class AnimateWaitSquare(sim.Animate):
    def __init__(self, i):
        self.i = i
            self, rectangle0=(-12, -10, 12, 10), x0=300 - 30 * i, y0=100, fillcolor0="red", linewidth0=0

    def visible(self, t):
        return q[self.i] is not None

class AnimateWaitText(sim.Animate):
    def __init__(self, i):
        self.i = i
        sim.Animate.__init__(self, text="", x0=300 - 30 * i, y0=100, textcolor0="white")

    def text(self, t):
        component_i = q[self.i]

        if component_i is None:
            return ""

def do_animation():
    for i in range(10):
    show_length = sim.Animate(text="", x0=330, y0=100, textcolor0="black", anchor="w")
    show_length.text = lambda t: "Length= " + str(len(q))

class Person(sim.Component):
    def process(self):
        yield self.hold(15)

env = sim.Environment(trace=True)

q = sim.Queue("q")
for i in range(15):
    Person(name="{:02d}".format(i), at=i)


All animation initialization is in do_animation, where first 10 rectangle and text Animate objects are created. These are classes that are inherited from sim.Animate.

The AnimateWaitSquare defines a red rectangle at a specific position in the sim.Animate.__init__() call. Note that normally these squares should be displayed. But, here we have overridden the visible method. If there is no i-th component in the q, the square will be made invisible. Otherwise, it is visible.

The AnimateWaitText is more or less defined in a similar way. It defines a text in white at a specific position. Only the text method is overridden and will return the name of the i-th component in the queue, if any. Otherwise the null string will be returned.

The length of the queue q could be defined also by subclassing sim.Animate, but here we just make a direct instance of Animate with the null string as the text to be displayed. And then we immediately override the text method with a lambda function. Note that in this case, self is not available!

Using colours

When a colour has to be specified in one of the animation methods, salabim offers a choice of specification:

  • #rrggbb rr, gg, bb in hex, alpha=255
  • #rrggbbaa rr, gg, bb, aa in hex, alpha=aa
  • (r, g, b) r, g, b in 0-255, alpha=255
  • (r, g, b, a) r, g, b in 0-255, alpha=a
  • “fg” current foreground color
  • “bg” current background color
  • colorname alpha=255
  • colorname, a alpha=a

The colornames are defined as follows:


This output can be generated with the following program:

# Show colornames

import salabim as sim

env = sim.Environment()
names = sorted(sim.colornames().keys())
env.modelname("show colornames")
x = 10
y = env.height() - 110
sx = 165
sy = 21

for name in names:
    sim.Animate(rectangle0=(x, y, x + sx, y + sy), fillcolor0=name)
        text=(name, "<null string>")[name == ""],
        x0=x + sx / 2,
        y0=y + sy / 2,
        textcolor0=("black", "white")[env.is_dark(name)],
    x += sx + 4
    if x + sx > 1024:
        y -= sy + 4
        x = 10

Avoiding crashes in tkinter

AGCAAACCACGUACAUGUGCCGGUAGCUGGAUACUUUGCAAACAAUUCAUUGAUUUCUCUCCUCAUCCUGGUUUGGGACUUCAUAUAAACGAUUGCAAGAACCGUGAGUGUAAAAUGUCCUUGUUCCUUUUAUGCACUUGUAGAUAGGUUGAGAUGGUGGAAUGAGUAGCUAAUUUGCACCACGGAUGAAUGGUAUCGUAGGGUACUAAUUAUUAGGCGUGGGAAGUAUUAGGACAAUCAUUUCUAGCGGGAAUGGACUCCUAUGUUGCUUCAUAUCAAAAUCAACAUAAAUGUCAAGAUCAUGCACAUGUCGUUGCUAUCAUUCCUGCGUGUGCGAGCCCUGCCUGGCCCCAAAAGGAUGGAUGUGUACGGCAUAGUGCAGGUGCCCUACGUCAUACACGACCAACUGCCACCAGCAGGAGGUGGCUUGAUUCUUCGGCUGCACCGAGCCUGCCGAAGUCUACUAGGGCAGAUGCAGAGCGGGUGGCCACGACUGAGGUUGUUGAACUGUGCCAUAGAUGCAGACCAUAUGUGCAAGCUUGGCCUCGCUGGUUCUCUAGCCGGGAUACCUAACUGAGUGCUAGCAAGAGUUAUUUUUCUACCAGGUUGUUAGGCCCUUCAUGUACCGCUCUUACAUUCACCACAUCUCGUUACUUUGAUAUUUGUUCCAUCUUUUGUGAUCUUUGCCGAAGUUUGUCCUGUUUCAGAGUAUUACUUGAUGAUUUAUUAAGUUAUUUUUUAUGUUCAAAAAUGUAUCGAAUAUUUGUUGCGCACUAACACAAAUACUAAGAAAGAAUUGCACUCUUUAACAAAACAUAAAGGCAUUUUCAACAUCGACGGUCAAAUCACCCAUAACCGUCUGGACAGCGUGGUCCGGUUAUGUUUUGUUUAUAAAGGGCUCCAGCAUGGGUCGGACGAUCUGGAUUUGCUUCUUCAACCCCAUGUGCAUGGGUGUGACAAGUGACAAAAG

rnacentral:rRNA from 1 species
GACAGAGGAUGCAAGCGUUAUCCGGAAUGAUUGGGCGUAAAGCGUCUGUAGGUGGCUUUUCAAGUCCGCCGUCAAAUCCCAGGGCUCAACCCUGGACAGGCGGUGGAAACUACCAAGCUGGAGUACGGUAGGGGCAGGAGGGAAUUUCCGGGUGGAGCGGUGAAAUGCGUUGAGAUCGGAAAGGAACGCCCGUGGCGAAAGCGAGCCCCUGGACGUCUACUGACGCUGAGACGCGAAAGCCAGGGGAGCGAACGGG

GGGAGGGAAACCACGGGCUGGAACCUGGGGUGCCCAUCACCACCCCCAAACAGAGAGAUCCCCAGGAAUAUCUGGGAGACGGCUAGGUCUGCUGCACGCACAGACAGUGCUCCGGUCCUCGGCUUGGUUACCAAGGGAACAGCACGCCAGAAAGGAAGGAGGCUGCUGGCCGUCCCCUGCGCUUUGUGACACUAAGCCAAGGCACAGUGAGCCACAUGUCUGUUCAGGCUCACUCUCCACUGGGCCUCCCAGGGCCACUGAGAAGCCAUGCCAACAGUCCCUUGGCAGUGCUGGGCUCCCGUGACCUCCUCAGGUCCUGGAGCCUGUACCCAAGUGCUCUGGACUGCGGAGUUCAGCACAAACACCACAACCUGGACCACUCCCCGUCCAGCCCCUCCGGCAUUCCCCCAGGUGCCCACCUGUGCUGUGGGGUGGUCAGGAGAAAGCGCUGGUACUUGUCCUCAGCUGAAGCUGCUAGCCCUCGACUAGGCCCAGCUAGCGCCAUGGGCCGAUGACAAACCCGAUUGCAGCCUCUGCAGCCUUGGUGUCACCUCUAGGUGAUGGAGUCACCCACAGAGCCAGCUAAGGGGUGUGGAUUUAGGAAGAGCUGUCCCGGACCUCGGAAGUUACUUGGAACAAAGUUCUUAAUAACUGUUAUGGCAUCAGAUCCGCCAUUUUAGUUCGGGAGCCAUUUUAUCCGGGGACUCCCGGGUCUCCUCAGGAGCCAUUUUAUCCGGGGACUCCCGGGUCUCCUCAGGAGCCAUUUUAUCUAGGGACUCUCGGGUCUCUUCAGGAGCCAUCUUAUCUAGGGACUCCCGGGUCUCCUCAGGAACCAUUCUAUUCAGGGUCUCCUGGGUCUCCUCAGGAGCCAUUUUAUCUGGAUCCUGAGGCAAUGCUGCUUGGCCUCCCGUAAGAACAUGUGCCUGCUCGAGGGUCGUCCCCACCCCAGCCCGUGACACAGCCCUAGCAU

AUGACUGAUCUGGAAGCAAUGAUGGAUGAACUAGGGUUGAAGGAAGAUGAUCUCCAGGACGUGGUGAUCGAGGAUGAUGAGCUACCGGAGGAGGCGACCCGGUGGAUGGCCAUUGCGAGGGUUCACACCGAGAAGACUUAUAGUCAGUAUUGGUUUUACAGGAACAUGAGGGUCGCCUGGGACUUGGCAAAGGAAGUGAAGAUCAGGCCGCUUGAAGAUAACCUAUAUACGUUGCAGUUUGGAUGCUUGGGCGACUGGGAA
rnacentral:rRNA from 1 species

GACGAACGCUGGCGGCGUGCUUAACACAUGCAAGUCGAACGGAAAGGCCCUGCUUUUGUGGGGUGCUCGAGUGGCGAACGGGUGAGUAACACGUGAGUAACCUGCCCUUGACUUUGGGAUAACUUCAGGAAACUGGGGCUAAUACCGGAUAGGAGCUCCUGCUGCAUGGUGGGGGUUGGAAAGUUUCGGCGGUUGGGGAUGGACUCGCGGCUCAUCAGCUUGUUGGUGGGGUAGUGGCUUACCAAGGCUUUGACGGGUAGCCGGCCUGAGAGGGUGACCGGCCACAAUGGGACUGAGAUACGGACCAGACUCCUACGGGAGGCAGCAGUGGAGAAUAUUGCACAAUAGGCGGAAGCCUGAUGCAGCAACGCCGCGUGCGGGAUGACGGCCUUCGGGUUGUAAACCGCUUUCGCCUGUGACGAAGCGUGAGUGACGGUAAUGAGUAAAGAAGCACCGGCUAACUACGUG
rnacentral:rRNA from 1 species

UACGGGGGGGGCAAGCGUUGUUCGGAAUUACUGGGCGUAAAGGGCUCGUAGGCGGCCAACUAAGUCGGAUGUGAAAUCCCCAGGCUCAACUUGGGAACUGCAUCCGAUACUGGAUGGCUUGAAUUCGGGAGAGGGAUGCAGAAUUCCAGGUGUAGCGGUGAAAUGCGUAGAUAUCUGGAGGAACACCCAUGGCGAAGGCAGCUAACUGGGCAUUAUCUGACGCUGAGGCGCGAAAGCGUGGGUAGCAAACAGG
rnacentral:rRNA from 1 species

When animating a large number of objects, it is possible that tkinter crashes because there are too many tkinter bitmaps aka canvas objects, sometimes by issuing a ‘Fail to allocate bitmap’, sometimes without any message. Salabim limits the number of bitmap automatically by combining animation objects in one aggregated bitmap if the number of bitmaps exceeds a given maximum. Unfortunately it is not possible to detect this ‘Fail to allocate bitmap’, so it may take some experimentation to find a workable maximum (maybe going as low as 1000).

By default, salabim sets the maximum number of bitmaps to 4000, but may be changed with the Environment.maximum_number_of_bitmaps() method, or the maximum_number_of_bitmaps parameter of Environment.animation_parameters(). Choosing a too low maximum (particularly 0), may result in a performance degradation. The bitmap aggregation process is transparent to the user.

Note that does this not apply to the Pythonista implementation, where bitmaps are always aggregated.

Video production and snapshots

An animation can be recorded as an .mp4 video by specifying video=filename in the call to animation_parameters. The effect is that 30 time per second (scaled animation time) a frame is written. In this case, the animation does not run synchronized with the wall clock any more. Depending on the complexity of the animation, the simulation might run faster of slower than real time. In contrast to an ordinary animation, frames are never skipped.

Once control is given back to main, the .mp4 file is closed.

It is also possible to create an animated gif file by specifying a .gif file. In that case, repeat and pingpong are additional options.

Video production supports also the creation of a series of individual frames, in .jpg, .png, .tiff or .bmp format. By specifying video with one of these extension, the filename will be padded with 6 increasing digits, e.g.'test.jpg')

will write individual autonumbered frames named


Prior to creating the frames, all files matching the specification will be removed, in order to get only the required frames, most likely for post processing with ffmpeg or similar.

Note that individual frame video production is available on all platforms, including Pythonista.

Salabim also supports taking a snapshot of an animated screen with Environment.snapshot().